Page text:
1. Resting Metabolic Rate
You might hear resting metabolic rate (RMR) also referred to as basal metabolic rate or simply put, your metabolism. This is the number of calories your body needs for its most vital functions. In other words, if you stayed in bed all day not moving a muscle this is the amount it would take to keep your heart beating, lungs breathing, brain functioning, etc.
RMR accounts for 60-70% of your daily calories. That's far more than any other mechanism and it's important to note as we'll talk about down the road.
A number of factors determine your RMR:
- Body composition - lean muscle mass is very active tissue therefore burns more calories
- Age - metabolism decreases as we age
- Sex - men typically have higher RMR's than women since they tend to have more muscle mass
- Hormones - certain hormones, like those released when we are stressed, can have a negative impact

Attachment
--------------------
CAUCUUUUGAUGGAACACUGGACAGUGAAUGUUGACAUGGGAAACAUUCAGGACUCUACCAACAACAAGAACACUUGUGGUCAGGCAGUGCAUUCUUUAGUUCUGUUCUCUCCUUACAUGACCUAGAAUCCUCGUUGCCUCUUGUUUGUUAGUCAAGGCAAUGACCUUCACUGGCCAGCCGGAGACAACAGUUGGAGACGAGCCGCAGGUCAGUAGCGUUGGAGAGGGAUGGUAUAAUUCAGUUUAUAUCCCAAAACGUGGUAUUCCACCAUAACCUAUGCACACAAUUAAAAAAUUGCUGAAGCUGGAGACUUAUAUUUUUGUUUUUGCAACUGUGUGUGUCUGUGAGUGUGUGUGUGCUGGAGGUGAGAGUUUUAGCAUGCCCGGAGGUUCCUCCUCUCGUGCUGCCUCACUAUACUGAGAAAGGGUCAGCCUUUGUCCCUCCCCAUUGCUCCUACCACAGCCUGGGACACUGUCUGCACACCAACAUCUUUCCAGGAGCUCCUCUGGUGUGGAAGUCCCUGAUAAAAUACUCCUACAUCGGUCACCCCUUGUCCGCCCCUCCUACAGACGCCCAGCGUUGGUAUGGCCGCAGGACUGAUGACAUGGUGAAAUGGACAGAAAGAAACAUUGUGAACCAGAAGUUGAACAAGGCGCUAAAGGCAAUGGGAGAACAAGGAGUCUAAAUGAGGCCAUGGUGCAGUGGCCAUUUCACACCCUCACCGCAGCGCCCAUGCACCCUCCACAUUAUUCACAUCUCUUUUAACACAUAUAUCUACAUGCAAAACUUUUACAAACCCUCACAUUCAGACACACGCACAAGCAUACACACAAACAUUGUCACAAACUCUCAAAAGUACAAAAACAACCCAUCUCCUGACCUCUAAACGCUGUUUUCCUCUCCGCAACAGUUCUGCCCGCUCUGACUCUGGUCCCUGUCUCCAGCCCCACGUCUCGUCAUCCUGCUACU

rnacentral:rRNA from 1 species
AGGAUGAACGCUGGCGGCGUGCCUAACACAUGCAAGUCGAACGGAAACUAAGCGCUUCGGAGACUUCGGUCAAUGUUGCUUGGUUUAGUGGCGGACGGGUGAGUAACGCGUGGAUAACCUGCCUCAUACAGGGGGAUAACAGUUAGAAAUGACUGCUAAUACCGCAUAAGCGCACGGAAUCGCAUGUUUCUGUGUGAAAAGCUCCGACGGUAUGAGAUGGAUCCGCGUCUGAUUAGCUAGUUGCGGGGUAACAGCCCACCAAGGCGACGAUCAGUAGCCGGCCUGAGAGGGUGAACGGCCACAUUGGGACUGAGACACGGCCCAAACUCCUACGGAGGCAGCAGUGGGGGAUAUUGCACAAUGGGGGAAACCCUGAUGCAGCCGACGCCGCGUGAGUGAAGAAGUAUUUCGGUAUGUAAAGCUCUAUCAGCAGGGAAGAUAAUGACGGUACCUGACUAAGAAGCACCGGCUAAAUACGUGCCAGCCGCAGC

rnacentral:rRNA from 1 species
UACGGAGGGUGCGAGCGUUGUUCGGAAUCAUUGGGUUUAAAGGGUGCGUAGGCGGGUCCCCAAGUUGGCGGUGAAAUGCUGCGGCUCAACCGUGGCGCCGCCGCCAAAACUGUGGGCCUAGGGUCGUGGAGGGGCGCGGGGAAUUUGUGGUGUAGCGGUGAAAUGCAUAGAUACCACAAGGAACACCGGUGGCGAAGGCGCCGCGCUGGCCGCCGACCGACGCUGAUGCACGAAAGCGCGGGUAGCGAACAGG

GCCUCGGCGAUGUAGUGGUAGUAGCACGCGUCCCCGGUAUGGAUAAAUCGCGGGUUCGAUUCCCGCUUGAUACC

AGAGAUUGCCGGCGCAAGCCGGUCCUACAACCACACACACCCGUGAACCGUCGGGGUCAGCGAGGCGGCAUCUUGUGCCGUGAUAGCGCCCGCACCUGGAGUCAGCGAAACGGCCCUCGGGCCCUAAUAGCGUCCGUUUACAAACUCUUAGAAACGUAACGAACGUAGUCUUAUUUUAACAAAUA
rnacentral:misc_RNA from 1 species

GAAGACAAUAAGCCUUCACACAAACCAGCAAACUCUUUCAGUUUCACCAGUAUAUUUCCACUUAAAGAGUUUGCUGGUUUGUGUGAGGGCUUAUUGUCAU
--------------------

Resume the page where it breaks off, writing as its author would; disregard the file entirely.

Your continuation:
- Medications - check with your doctor to see if anything you are taking as related side effects
2. Physical Activity
Any bodily movement burns calories. This includes planned exercise sessions, occupational and household work, recreational activities, etc. Even twirling your hair, pacing back and forth, and shifting around in your desk chair counts (those types of movements are called NEAT: non-exercise activity thermogensis). All movement burns calories so try to incorporate as much as you can in your daily routine.
Physical activity accounts for 15-30% of daily calorie expenditure. Those who are more active will be closer to 30%. Those take the elevator up one floor on a regular basis will be closer to the bottom end of the range.
3. Thermic Effect of Food
It is very minimal but it must be said. A measley 5-10% of our calories are burned through the process of food digestion. Yes, it's true. You can burn calories from eating so to speak. Most of these foods are plain vegetables and fruits. Don't bet on regularly eating meals that will result in a negative calorie balance. And if you do, I bet you'll be hungry again in 30 minutes.
Take a close look at the above chart of an estimated daily calorie expenditure. In upcoming posts I'll how to use the breakdown to your advantage and why things you may be doing just don't make sense. Stay tuned...